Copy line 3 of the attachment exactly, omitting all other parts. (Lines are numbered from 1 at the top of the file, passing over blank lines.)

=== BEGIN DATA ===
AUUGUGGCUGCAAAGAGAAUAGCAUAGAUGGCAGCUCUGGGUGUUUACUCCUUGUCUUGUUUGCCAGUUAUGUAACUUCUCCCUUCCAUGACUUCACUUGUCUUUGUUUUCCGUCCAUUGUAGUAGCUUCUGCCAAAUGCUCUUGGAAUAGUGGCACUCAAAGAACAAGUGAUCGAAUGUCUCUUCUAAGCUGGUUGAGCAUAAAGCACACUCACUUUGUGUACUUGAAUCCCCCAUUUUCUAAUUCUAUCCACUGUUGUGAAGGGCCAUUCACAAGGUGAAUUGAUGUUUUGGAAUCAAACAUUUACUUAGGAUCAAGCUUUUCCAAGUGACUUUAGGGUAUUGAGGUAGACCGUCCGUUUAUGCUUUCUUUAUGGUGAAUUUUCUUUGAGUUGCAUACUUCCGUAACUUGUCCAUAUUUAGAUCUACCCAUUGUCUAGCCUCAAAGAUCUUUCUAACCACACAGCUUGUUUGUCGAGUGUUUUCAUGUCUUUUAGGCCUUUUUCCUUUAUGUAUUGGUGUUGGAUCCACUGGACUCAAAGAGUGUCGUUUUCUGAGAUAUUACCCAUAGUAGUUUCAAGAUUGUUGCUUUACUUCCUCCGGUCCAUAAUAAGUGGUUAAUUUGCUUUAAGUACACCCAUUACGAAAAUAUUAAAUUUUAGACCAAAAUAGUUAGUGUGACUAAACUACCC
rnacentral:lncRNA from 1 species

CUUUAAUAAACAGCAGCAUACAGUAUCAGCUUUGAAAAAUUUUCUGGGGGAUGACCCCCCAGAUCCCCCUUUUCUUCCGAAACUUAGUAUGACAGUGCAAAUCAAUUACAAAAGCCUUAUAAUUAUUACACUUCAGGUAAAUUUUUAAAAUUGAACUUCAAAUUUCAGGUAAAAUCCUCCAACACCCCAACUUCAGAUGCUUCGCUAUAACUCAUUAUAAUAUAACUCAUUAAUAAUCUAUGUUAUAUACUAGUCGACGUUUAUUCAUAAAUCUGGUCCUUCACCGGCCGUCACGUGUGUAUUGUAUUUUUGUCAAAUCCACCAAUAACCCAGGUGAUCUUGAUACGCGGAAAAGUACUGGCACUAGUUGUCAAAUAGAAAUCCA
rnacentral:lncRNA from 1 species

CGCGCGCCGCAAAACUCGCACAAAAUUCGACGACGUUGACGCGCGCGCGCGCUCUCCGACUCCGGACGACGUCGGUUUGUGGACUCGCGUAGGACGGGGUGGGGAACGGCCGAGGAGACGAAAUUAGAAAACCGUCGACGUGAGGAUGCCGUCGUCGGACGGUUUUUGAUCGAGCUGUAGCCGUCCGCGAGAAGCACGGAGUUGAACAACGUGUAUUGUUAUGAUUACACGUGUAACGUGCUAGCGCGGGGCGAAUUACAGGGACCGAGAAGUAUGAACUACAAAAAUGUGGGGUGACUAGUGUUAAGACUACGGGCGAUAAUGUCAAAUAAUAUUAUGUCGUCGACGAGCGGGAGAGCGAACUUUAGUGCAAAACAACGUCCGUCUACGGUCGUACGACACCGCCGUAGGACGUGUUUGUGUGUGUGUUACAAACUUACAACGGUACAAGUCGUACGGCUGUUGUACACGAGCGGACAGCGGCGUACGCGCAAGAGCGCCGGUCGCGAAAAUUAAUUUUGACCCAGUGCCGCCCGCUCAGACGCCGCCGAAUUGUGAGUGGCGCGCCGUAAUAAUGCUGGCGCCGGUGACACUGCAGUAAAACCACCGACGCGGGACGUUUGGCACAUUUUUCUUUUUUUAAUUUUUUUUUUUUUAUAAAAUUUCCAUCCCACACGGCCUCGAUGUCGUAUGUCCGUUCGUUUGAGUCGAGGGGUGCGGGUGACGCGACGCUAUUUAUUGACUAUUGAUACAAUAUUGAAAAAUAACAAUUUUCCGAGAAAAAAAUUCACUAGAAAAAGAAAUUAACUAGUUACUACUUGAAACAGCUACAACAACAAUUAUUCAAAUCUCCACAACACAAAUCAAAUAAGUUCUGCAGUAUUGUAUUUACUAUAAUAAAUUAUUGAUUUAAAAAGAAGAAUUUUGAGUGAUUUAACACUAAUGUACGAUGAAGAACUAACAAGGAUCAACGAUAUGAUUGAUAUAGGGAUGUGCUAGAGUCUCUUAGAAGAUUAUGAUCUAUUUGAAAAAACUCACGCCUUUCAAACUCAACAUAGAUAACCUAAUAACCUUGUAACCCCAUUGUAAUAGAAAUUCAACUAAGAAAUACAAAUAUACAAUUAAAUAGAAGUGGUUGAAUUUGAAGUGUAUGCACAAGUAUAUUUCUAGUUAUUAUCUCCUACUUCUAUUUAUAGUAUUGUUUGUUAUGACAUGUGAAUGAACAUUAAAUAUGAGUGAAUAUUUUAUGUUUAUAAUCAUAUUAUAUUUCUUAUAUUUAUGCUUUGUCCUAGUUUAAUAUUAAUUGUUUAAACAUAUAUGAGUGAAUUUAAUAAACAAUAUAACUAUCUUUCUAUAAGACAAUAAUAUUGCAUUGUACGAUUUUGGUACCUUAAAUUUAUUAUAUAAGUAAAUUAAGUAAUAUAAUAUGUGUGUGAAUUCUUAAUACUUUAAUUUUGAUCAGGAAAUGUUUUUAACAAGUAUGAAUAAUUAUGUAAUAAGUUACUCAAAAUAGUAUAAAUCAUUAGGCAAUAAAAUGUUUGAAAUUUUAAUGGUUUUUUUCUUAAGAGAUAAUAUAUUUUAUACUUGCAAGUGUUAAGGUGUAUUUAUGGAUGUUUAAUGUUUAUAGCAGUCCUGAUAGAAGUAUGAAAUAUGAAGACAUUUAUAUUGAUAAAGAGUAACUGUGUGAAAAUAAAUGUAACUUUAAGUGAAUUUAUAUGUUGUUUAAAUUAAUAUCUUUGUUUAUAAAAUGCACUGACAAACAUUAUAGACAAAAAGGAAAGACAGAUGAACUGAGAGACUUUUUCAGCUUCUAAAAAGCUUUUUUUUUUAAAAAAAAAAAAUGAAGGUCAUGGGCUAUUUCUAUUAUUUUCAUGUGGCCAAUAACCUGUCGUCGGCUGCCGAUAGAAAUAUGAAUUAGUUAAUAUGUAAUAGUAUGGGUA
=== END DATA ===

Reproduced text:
CUUUAAUAAACAGCAGCAUACAGUAUCAGCUUUGAAAAAUUUUCUGGGGGAUGACCCCCCAGAUCCCCCUUUUCUUCCGAAACUUAGUAUGACAGUGCAAAUCAAUUACAAAAGCCUUAUAAUUAUUACACUUCAGGUAAAUUUUUAAAAUUGAACUUCAAAUUUCAGGUAAAAUCCUCCAACACCCCAACUUCAGAUGCUUCGCUAUAACUCAUUAUAAUAUAACUCAUUAAUAAUCUAUGUUAUAUACUAGUCGACGUUUAUUCAUAAAUCUGGUCCUUCACCGGCCGUCACGUGUGUAUUGUAUUUUUGUCAAAUCCACCAAUAACCCAGGUGAUCUUGAUACGCGGAAAAGUACUGGCACUAGUUGUCAAAUAGAAAUCCA